LeBron James

What to expect from LeBron and the Heat?

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You’re busy, so I’ll save you some time: a championship.  They’ve won two straight, basically their entire squad is coming back, and their best guy is the most dynamic and exciting player since Michael Jordan.  The Heat have all the tools they need to make a run at a three-peat – but even with them all in place, the bigger question is: who might stop them?

The way I see it, there are 6 teams that could have a chance: 4 longshots and 2 serious threats.  Let’s start with the East.

EASTERN 

The Bulls: Chicago is a good team without Derrick Rose, and a title contender with (the old) Derrick Rose.  But how deep can they go in the postseason? Thing is, Rose’s most recent relevant data points are from 18 months and a horrific knee injury ago.  He looked great in the preseason, but it’s far too early to see how his knee will hold up long-term: it’s just been too long since we’ve seen him play a full year.  Time will tell, but Rose’s return makes me hesitate – right now, the Bulls are a longshot to stop the Heat.

The Nets:  Again, too soon – but for a different reason.  The team hinges on Deron Williams and Brook Lopez: a great combo, but Lebron’s supporting cast (Dwyane Wade, Ray Allen, Udonis Haslem, Shane Battier – the list goes on) far outstrips its counterparts in Brooklyn.  Depth is key, and the Nets don’t have Miami’s lung capacity.  As for Kevin Garnett and Paul Pierce, they’re not getting any younger, and I’ll be surprised if their presence tips the scales in the Nets’ favor.

The Pacers: Though summertime roster moves did bolster their bench, Indiana is the only team of these three that remains largely unchanged since nearly beating Miami in the East Finals last year.  A missed assignment here, a blown call there, and one or two plays could have made the difference for the Pacers going to the NBA Finals.  Paul George and Danny Granger should continue to emerge, Roy Hibbert should continue to dominate (just ask Tyson Chandler), and with C.J. Watson and Chris Copeland the bench is stronger.  We’ve actually seen this team play the Heat, and nearly beat them.  All in all, in the East the Pacers have the best preseason shot at upending the Heat.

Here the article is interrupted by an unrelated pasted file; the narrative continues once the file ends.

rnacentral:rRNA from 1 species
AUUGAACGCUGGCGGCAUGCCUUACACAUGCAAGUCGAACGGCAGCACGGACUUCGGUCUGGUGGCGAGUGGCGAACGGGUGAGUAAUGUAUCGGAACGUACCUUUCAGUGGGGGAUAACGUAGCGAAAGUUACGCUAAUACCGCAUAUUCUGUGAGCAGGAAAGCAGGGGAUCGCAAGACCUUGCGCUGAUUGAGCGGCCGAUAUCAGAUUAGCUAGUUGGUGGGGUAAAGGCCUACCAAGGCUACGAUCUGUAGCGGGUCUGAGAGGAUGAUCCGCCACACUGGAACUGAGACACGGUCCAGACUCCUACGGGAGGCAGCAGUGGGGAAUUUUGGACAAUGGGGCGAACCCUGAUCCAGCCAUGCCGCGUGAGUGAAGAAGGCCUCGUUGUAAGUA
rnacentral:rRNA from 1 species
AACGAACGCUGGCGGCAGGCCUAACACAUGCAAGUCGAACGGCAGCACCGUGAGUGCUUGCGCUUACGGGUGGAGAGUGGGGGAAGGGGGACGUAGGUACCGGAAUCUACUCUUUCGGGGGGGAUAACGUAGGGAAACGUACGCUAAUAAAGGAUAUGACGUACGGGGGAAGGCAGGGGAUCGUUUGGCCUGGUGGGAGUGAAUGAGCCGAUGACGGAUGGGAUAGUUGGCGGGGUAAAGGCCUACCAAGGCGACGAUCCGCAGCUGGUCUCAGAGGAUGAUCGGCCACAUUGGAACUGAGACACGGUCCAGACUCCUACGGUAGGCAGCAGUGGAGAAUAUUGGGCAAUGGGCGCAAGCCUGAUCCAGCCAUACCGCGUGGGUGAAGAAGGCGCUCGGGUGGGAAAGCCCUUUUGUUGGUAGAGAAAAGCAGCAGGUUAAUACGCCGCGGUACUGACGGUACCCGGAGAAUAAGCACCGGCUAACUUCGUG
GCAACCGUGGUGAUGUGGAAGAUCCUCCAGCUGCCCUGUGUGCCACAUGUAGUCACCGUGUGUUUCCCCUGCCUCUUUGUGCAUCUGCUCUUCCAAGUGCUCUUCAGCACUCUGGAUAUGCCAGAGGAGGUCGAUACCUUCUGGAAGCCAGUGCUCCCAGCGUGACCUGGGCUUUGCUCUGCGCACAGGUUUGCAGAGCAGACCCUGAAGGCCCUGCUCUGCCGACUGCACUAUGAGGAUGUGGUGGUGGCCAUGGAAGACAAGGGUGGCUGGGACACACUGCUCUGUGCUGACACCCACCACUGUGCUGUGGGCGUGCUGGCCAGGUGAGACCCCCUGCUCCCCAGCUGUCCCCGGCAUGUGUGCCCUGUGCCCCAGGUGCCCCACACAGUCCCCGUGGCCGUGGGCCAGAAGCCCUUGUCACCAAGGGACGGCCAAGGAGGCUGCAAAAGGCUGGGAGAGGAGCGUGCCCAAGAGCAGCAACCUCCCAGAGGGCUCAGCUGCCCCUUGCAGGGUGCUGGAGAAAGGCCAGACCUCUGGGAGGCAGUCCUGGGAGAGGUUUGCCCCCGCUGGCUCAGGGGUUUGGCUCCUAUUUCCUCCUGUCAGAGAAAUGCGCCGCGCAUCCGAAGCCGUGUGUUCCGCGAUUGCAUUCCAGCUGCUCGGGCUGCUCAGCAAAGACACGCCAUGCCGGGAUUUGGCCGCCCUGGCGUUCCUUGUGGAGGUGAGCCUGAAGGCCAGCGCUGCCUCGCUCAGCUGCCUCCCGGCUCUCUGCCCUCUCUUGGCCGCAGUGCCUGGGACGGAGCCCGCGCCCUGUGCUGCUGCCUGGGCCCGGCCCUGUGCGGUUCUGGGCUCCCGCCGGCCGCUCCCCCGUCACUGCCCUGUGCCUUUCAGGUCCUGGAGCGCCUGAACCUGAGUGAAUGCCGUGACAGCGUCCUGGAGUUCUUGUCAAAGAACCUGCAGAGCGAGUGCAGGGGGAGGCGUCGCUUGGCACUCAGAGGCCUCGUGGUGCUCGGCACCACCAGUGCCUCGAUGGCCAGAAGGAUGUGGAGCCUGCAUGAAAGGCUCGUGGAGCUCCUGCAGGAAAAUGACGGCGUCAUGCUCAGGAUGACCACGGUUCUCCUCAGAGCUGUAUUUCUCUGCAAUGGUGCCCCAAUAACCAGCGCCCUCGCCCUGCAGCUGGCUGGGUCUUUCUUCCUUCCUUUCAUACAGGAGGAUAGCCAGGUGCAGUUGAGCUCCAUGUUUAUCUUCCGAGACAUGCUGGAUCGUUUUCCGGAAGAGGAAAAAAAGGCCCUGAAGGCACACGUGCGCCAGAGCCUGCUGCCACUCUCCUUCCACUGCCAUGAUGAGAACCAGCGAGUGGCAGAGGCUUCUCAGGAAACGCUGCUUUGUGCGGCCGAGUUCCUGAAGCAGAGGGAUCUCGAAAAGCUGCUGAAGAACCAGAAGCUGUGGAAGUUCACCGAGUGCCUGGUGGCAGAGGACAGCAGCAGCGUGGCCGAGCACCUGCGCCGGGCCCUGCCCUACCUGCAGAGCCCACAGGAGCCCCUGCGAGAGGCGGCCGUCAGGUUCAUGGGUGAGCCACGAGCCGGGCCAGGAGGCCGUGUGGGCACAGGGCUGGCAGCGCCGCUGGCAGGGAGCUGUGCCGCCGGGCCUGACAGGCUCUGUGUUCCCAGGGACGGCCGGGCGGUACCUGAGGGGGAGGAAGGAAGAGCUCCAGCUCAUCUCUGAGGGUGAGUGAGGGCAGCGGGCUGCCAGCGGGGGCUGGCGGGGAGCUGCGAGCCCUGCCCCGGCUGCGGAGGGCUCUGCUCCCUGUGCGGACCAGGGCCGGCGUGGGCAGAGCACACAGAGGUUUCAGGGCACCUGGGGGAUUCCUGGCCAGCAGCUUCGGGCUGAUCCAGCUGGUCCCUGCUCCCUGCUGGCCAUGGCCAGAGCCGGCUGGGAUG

WESTERN 

The Spurs: Another team we’ve seen play the Heat and nearly beat them, plus I’ve learned my lesson in the past: never count out Gregg Popovich, and never say Tim Duncan’s too old.  Obviously at some point Duncan will be too old, but the man just keeps putting up rock-solid numbers and defense year after year.  Besides, he’s not the brains of the operation anyways – Tony Parker’s running point, and Pop’s the reason for the dynasty.  History teaches me not to bet against those three pieces, so watch out for the Spurs.  (Playoff sweeps are telling – just ask the Grizzlies) Can San Antonio beat the Heat? Maybe – probably not, but they came very close last year and they could likely again be one of the last few standing.

The Rockets: Two words: Dwight Howard.  The D’Antoni/Kobe/Dwight circus show was wearing thin in L.A., and it’ll be interesting to see how Dwight fits into the Rocket’s culture. Last year was miserable, and now he’s got a fresh start, a new city, and a great young core with Chandler Parsons and James Harden.  But again, we run into a common theme this year: the unknown.  Howard alters teams and defenses with his presence, but he’s never played with these guys under this system in this city with this coach and this organization.  Signs are positive, but there’s just no way to tell this early – so far it’s all he-said she-said guesswork.  Can they beat Miami in seven games?  Not right now.  So much hype, and to even get there they’d have to move past…

The Thunder: Kevin Durant is a killer, simple as that.  He’s the deadliest player not named LeBron James.  He has zero conscience from three; he’s Magic Johnson’s awareness with Bob Cousy’s handles and Reggie Miller’s stroke.  Durant, Russell Westbrook, Thabo Sefolosha, Reggie Jackson – their guard play is phenomenal.  Serge Ibaka and Kendrick Perkins round it out inside, but the key is the guard play.  If the Thunder have an advantage over the Heat, it’s depth on the wing.  If they can exploit that, throwing bodies at LeBron enough to tire him out and slow him down just enough, OKC could have the best chance to beat the Heat (unless the Pacers get them first, in which case whatever will Sportscenter talk about in June??).

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Honorable Mention: Clippers, Warriors.  Both electrifying teams, great fun to watch, but missing some pieces.  Clippers need a stronger paint presence (DeAndre Jordan and Blake Griffin are a high-flying trapeze act, not game-changing forwards); the Warriors need some time to gel, and for Stephen Curry and Klay Thompson to play off each other – watch out for Golden State in the next few years.

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WRAPPING UP 

The Pacers and the Thunder have the best shot at beating the Heat.  Indiana nearly beat them last time, and come back this year with more experience and a deeper bench.  The Thunder have the guard depth to counter LeBron, but that may not make a difference anyways with the Heat’s top-to-bottom array of weapons.

Bottom line?  The Pacers can beat the Heat, as can the Thunder, but it will take each team’s perfect stretch of seven games (because there’s no way the Heat lose in less than seven) to do it.  Miami, on the other hand, has the athleticism, depth, leadership, and firepower to win again.  That is what to expect from LeBron and the Heat – another championship.  They are not a perfect team, and they can be beaten – but in the end, the most likely scenario I see is LeBron & Co. with Miami’s first franchise three-peat.